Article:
More Americans choose cremation instead of burial and many end-of-life services are changing as a result. Instead of hosting a visitation, funeral, and graveside service, some families opt for a single ceremony. It’s also common for people to gather together at a later date to scatter their loved one's ashes.
Jump ahead to these sections:
- Quick Tips on Finding the Right Words to Say for Scattering Ashes
- Beautiful Quotes for Spreading Ashes
- Poems for Scattering Ashes
Make sure you know the laws for scattering ashes before you meet to scatter your family member's remains. Since you may not have a religious or spiritual leader present during the scattering, you should consider what will be said at the informal ceremony.
Here are some quotes, poems, or ceremonies you may consider using when scattering your loved one's ashes.
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Note: If you're transforming your loved one's ashes into something unique, like a cremation diamond with Eterneva or cremation stones with Parting Stone, you can still use the tips below for any ceremony you hold. For example, you might say a few words when placing your cremation stones in a special location or presenting your cremation diamond to family and friends.
Quick Tips on Finding the Right Words to Say for Scattering Ashes
Perhaps you aren't used to public speaking, and maybe you are concerned about finding the right words to say at such a critical moment. Here are some general tips to consider as you plan out what to say:
- Write out your speech before you arrive at the event. You may think that you’ll be able to wing it and say something profound, heartfelt, and inspiring at the ceremony. Even if you are an accomplished public speaker, write down your words before you arrive. Speaking at a loved one's funeral is different than speaking at a work event. You don't know how emotional you’ll be, so it’s best to be prepared.
- Share specific memories of the deceased. Make sure that the memory of your loved one lives on by talking about him or her. Share specific stories about your loved one's life during the scattering service.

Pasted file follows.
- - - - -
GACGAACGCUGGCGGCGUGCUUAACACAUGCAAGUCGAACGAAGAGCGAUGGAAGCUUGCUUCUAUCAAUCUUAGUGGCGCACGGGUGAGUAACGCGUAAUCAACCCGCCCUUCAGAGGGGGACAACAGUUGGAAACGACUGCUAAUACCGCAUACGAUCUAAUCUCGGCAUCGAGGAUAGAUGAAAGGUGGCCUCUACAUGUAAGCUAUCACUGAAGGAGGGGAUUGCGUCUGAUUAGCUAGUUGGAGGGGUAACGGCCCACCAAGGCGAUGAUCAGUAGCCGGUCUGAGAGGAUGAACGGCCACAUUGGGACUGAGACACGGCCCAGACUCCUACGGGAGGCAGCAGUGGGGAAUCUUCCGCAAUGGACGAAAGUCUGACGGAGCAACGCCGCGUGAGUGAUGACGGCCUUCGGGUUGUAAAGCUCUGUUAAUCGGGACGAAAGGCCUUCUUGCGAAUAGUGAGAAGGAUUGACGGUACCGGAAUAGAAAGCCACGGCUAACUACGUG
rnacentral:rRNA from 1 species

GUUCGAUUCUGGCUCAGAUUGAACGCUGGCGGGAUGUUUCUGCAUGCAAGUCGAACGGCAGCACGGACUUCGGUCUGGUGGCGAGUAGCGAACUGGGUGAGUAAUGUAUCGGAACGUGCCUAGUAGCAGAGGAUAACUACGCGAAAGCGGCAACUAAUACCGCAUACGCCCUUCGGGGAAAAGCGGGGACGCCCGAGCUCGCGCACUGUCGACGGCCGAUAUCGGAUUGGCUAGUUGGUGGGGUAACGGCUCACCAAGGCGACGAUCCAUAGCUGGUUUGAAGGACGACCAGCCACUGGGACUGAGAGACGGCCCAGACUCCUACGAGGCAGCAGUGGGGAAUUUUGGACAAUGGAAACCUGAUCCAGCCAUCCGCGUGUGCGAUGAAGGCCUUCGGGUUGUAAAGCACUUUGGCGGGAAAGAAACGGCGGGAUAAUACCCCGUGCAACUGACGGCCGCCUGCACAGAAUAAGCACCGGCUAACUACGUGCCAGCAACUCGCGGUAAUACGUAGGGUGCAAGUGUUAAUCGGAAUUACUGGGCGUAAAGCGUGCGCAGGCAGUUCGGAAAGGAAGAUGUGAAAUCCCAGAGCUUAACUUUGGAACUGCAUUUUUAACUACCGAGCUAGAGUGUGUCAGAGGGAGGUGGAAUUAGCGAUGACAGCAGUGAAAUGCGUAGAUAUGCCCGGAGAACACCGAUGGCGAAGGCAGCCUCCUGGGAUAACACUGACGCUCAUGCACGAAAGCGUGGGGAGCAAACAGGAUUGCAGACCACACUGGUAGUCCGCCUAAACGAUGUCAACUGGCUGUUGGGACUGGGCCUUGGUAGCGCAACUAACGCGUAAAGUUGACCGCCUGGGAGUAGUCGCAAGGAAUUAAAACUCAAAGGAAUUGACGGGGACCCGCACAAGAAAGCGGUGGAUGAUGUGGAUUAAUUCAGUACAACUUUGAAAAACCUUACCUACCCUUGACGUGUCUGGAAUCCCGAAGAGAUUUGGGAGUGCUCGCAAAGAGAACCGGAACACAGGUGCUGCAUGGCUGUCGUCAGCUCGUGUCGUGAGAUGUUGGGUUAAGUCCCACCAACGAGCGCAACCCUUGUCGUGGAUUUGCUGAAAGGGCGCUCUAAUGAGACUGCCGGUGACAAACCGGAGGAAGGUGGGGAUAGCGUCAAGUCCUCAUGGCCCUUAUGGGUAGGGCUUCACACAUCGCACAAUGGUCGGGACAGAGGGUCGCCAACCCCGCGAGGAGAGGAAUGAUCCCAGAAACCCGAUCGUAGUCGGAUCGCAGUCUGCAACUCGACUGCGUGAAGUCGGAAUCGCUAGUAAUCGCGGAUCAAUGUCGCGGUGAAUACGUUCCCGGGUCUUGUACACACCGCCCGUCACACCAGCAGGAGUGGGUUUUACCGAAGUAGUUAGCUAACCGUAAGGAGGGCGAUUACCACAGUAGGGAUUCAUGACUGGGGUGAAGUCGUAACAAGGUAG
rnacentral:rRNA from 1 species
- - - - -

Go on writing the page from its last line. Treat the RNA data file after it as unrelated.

- Consider the deceased and mourners’ faith. Consider the beliefs of your loved one as you choose which text to share at the scattering service. You may be able to share speaking responsibilities with someone who’s more in tune with your loved one's beliefs if you are not comfortable.
- Use some of these quotes, but also speak from the heart. You can find anything on the internet, including a complete text that someone said during a scattering ceremony. It might be best to only look at these websites for inspiration. You may use some of the keywords that speak to you, but at the end of the day, make sure your speech comes from your heart.
- Give others a chance to share their thoughts. Others may want to share their thoughts at the scattering ceremony as well. Let them know that they will have an opportunity to speak before they arrive at the event. This will enable other mourners to plan what they would like to say.
Beautiful Quotes for Spreading Ashes
Here are some quotes to consider reading when you spread the remains of your loved one. Some are faith-driven and others are secular. Make sure to tell your listeners the source of the quote you use.
"Because I have loved life, I shall have no sorrow to die." — Amelia Burr, American poet
Was the person you are honoring gregarious and full of life? This quote could be perfect.
"Even death is not to be feared by one who has lived wisely." — Buddha
Again, this quote is appropriate for the scattering ceremony of someone who lived life with gusto.
"To us, the ashes of our ancestors are sacred. And their resting place is hallowed ground." — Chief Seattle
This quote will remind your listeners of the sanctity of the area where you’re scattering your loved one's ashes. That place is the final resting place of your loved one’s remains. Carefully consider this as you choose a location.
"Lives are like rivers: Eventually they go where they must. Not where we want them to." — Richard Russo, author
You didn't want your loved one to die. Unfortunately, most people have no choice in the matter. Lives are sometimes cut short and it's not fair. Sometimes it’s helpful to accept this fact as you grieve the loss of someone close to you.
"Every man's life ends the same way. It is only the details of how he lived and how he died that distinguish one man from another." — Ernest Hemingway, American author